It’s obvious Panasonic is more than a little pleased with its TX-65EZ1002B TV – after all, it’s the only TV the company has announced at CES 2017 and it’s the only TV on display on its (colossal) stand in the Las Vegas Convention Centre. But, if you’re going to put all your money on ‘red’, as it were, make sure ‘red’ is packing 4K resolution, is HDR- (including Hybrid Log Gamma) compliant, features a stylish stand-cum-soundbar with audio input from Technics, and has a super-slim OLED panel.
MORE: What is OLED TV? The tech, the benefits
The EZ1002 forms part of what Panasonic is calling its ‘Art & Interior’ concept. In practice, this means a frame with no visible seams and a fairly subtle dark metallic finish to all the main surfaces.
This concept also includes arguably the most eye-catching element of the TV’s design, the ‘Dynamic Blade Speaker’ array underneath the TV. The speaker system integrates into the stand and is positioned in such a way that it appears to make minimal contact with the actual screen.
More after the break
Panasonic’s new My Home Screen 2.0 smart TV system is designed to be the company’s smoothest and most intuitive user interface yet. It’s a ground-up reworking of the previous operating system, and features ‘favourites’ folders for multiple users (a ‘My Apps’ button on the handset gives speedy access to your favourite content) and a revamped Media Player app with support for HDR10 and Hybrid Log Gamma HDR content.
The UK gets the most up-to-the-minute version of Freeview Play with new search/recommendation tools and a ‘Quick Look’ guide which shows previous, live and future programmes for the channel currently being viewed.
MORE: HDR TV: What is it? How can you get it?
Panasonic has pulled out all the stops as far as the EZ1002B’s picture performance is concerned. The panel itself – dubbed Master HDR OLED – has been measured by Panasonic to produce almost double the brightness of the company’s previous OLED offering, the TX-65CZ952B.
It can deliver the full DCI colour space that’s essential when dealing with HDR images (including the upcoming Hybrid Log Gamma variant), and is packing what Panasonic claims to be the most powerful picture processing technology ever integrated into a consumer TV.
In practice, though, it’s not the eye-popping brightness that really grabbed our attention. It can go piercingly bright, of course, if the images demand it – we saw an extended bright-white clip of a Pacific Rim scene that would have had a polar bear reaching for its sunglasses – but it’s the tremendous subtlety of the pictures that seems most impressive.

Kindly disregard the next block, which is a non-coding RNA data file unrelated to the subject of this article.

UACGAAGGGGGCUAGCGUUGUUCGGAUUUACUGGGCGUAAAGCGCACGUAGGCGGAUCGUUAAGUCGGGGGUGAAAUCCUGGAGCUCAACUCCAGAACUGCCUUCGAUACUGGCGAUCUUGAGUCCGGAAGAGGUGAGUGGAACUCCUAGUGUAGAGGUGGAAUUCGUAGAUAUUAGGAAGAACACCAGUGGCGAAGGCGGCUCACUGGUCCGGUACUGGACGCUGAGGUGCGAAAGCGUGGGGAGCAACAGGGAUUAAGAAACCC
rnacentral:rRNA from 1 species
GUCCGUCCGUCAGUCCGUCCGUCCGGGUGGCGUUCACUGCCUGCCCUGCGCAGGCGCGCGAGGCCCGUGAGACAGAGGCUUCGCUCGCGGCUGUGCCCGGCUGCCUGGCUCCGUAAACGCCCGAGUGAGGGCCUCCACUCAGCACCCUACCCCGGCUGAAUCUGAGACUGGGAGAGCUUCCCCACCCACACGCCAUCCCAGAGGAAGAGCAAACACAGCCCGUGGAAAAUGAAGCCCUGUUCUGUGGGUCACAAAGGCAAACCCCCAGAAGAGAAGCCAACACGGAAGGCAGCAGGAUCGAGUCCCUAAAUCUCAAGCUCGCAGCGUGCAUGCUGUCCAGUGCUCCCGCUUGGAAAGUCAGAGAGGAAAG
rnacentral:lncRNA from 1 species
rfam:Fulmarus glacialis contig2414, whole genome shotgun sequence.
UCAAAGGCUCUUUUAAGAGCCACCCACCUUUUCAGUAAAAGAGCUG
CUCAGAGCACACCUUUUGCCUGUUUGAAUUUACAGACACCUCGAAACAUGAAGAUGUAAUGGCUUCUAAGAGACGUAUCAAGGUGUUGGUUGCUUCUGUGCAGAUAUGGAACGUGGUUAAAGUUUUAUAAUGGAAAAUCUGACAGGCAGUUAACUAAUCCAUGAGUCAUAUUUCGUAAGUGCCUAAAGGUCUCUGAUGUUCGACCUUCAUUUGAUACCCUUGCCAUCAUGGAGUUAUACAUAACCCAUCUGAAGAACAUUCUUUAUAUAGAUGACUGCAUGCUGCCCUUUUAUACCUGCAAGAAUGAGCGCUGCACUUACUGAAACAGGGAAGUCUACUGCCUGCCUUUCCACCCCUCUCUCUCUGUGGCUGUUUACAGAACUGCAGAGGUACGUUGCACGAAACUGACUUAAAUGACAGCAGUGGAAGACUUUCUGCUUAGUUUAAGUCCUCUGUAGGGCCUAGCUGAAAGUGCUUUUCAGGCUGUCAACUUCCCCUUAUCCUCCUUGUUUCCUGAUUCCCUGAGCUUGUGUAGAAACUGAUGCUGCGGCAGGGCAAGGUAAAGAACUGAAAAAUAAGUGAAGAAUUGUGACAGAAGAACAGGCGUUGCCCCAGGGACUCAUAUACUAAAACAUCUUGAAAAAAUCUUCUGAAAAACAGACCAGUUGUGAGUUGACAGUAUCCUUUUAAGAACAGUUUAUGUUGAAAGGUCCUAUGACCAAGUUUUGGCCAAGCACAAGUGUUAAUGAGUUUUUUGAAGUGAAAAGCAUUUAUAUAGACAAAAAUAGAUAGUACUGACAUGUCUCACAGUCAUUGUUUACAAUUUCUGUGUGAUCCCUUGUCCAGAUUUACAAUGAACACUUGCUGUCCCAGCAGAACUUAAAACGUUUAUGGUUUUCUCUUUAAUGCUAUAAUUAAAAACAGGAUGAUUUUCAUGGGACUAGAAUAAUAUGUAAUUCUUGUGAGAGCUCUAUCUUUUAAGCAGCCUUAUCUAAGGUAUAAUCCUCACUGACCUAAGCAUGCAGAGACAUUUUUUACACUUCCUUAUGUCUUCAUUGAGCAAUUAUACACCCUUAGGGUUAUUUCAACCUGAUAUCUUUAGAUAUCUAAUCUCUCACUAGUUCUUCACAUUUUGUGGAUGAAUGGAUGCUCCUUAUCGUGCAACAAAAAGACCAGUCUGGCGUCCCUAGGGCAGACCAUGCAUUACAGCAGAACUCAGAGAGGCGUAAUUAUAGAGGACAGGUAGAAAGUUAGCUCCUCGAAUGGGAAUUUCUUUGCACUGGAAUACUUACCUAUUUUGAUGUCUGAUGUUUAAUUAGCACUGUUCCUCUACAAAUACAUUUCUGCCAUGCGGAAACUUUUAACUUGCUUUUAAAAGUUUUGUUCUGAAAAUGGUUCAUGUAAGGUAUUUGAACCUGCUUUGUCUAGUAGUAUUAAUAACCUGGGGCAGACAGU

Rather than turn everything up to 11 and go for colour volumes that could strip paint, Panasonic’s engineers have instead used the EZ1002’s fearsome processing power to try and construct pictures that are as natural – in terms of colour gradation and contrast – as we’ve seen on a consumer TV.
In our brief time with the set, we were also impressed by the amount of detail the EZ1002 seemed to uncover in dark scenes – even in high-contrast scenes, black shading and detail levels didn’t appear to suffer. It’s difficult to tell just how impressive a TV’s performance is until it’s safely set up at What Hi-Fi? Towers, of course, and it’s doubly difficult when the TV is part of a screamingly brightly lit stand at a packed trade show. But for now, we feel it’s safe to say the TX-65EZ1002B looks a very decent TV.
First impressions of sound quality, on the other hand, will have to wait. Yes, the Panasonic’s tidy stand incorporates 14 speaker drivers and a passive radiator specified with input from Technics – but trying to judge its sound in the middle of a packed convention centre is like trying to judge a candle during a fireworks display. Though, it’s comforting to know Panasonic wants its flagship 4K HDR OLED TV to have the sound quality to compliment its picture.
MORE: What is HDR? How can you get it?
OLED TVs are making all the headlines at CES 2017, and the Panasonic TX-65EZ1002B is no different. As you’d expect from a flagship 4K HDR television, it’s crammed with all the latest picture processing tech, and our initial impression is that it should have no problems mixing it with rival OLED sets from LG and Sony. As soon as we’ve put a review sample through its paces, you’ll be the first to know.